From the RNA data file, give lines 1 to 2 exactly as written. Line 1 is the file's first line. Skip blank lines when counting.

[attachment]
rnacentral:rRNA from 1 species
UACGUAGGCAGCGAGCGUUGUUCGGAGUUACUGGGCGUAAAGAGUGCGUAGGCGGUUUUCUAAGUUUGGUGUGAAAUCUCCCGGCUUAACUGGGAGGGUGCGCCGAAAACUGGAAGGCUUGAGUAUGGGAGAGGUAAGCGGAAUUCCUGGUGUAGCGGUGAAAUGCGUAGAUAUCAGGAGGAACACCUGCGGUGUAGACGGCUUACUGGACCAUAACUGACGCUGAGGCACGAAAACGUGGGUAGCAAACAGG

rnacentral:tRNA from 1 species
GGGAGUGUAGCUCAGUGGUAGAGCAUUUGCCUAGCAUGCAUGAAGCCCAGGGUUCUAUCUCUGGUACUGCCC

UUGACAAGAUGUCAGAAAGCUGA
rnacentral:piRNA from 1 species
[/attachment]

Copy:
rnacentral:rRNA from 1 species
UACGUAGGCAGCGAGCGUUGUUCGGAGUUACUGGGCGUAAAGAGUGCGUAGGCGGUUUUCUAAGUUUGGUGUGAAAUCUCCCGGCUUAACUGGGAGGGUGCGCCGAAAACUGGAAGGCUUGAGUAUGGGAGAGGUAAGCGGAAUUCCUGGUGUAGCGGUGAAAUGCGUAGAUAUCAGGAGGAACACCUGCGGUGUAGACGGCUUACUGGACCAUAACUGACGCUGAGGCACGAAAACGUGGGUAGCAAACAGG